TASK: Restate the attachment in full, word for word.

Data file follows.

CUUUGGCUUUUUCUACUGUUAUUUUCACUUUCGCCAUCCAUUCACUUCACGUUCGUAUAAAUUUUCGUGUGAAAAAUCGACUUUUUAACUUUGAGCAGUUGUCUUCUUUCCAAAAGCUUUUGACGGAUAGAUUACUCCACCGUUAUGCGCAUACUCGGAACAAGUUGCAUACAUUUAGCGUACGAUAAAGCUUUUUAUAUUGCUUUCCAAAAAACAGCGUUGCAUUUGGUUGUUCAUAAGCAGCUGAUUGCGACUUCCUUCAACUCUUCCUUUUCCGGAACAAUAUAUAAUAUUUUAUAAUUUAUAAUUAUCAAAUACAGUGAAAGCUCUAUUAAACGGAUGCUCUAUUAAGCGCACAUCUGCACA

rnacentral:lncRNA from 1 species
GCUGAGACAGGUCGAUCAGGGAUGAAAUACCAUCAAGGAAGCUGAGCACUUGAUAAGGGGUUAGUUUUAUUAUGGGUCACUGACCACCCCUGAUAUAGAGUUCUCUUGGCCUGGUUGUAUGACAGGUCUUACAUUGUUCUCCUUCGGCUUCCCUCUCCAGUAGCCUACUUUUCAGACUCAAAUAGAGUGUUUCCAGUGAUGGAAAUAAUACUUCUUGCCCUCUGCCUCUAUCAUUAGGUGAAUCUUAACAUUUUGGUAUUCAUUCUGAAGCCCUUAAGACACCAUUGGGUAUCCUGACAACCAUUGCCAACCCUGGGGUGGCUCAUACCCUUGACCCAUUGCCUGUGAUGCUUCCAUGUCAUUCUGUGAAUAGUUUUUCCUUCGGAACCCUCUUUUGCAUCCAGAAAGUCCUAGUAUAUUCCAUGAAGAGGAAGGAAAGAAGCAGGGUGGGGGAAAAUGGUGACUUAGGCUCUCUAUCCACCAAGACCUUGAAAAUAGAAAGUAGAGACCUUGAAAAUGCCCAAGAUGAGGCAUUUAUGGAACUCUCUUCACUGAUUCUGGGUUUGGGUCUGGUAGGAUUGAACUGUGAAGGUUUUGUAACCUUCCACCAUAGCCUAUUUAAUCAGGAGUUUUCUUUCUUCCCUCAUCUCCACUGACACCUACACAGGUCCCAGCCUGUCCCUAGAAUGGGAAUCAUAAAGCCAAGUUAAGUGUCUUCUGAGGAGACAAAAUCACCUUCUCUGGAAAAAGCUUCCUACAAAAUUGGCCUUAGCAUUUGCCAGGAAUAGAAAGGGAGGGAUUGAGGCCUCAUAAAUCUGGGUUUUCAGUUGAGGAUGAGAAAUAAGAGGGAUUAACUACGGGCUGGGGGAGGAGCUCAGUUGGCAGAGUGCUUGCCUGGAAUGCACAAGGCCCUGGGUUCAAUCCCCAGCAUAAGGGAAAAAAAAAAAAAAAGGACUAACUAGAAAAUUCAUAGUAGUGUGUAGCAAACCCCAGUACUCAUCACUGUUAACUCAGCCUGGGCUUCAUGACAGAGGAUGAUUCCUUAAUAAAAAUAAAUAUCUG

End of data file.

CUUUGGCUUUUUCUACUGUUAUUUUCACUUUCGCCAUCCAUUCACUUCACGUUCGUAUAAAUUUUCGUGUGAAAAAUCGACUUUUUAACUUUGAGCAGUUGUCUUCUUUCCAAAAGCUUUUGACGGAUAGAUUACUCCACCGUUAUGCGCAUACUCGGAACAAGUUGCAUACAUUUAGCGUACGAUAAAGCUUUUUAUAUUGCUUUCCAAAAAACAGCGUUGCAUUUGGUUGUUCAUAAGCAGCUGAUUGCGACUUCCUUCAACUCUUCCUUUUCCGGAACAAUAUAUAAUAUUUUAUAAUUUAUAAUUAUCAAAUACAGUGAAAGCUCUAUUAAACGGAUGCUCUAUUAAGCGCACAUCUGCACA

rnacentral:lncRNA from 1 species
GCUGAGACAGGUCGAUCAGGGAUGAAAUACCAUCAAGGAAGCUGAGCACUUGAUAAGGGGUUAGUUUUAUUAUGGGUCACUGACCACCCCUGAUAUAGAGUUCUCUUGGCCUGGUUGUAUGACAGGUCUUACAUUGUUCUCCUUCGGCUUCCCUCUCCAGUAGCCUACUUUUCAGACUCAAAUAGAGUGUUUCCAGUGAUGGAAAUAAUACUUCUUGCCCUCUGCCUCUAUCAUUAGGUGAAUCUUAACAUUUUGGUAUUCAUUCUGAAGCCCUUAAGACACCAUUGGGUAUCCUGACAACCAUUGCCAACCCUGGGGUGGCUCAUACCCUUGACCCAUUGCCUGUGAUGCUUCCAUGUCAUUCUGUGAAUAGUUUUUCCUUCGGAACCCUCUUUUGCAUCCAGAAAGUCCUAGUAUAUUCCAUGAAGAGGAAGGAAAGAAGCAGGGUGGGGGAAAAUGGUGACUUAGGCUCUCUAUCCACCAAGACCUUGAAAAUAGAAAGUAGAGACCUUGAAAAUGCCCAAGAUGAGGCAUUUAUGGAACUCUCUUCACUGAUUCUGGGUUUGGGUCUGGUAGGAUUGAACUGUGAAGGUUUUGUAACCUUCCACCAUAGCCUAUUUAAUCAGGAGUUUUCUUUCUUCCCUCAUCUCCACUGACACCUACACAGGUCCCAGCCUGUCCCUAGAAUGGGAAUCAUAAAGCCAAGUUAAGUGUCUUCUGAGGAGACAAAAUCACCUUCUCUGGAAAAAGCUUCCUACAAAAUUGGCCUUAGCAUUUGCCAGGAAUAGAAAGGGAGGGAUUGAGGCCUCAUAAAUCUGGGUUUUCAGUUGAGGAUGAGAAAUAAGAGGGAUUAACUACGGGCUGGGGGAGGAGCUCAGUUGGCAGAGUGCUUGCCUGGAAUGCACAAGGCCCUGGGUUCAAUCCCCAGCAUAAGGGAAAAAAAAAAAAAAAGGACUAACUAGAAAAUUCAUAGUAGUGUGUAGCAAACCCCAGUACUCAUCACUGUUAACUCAGCCUGGGCUUCAUGACAGAGGAUGAUUCCUUAAUAAAAAUAAAUAUCUG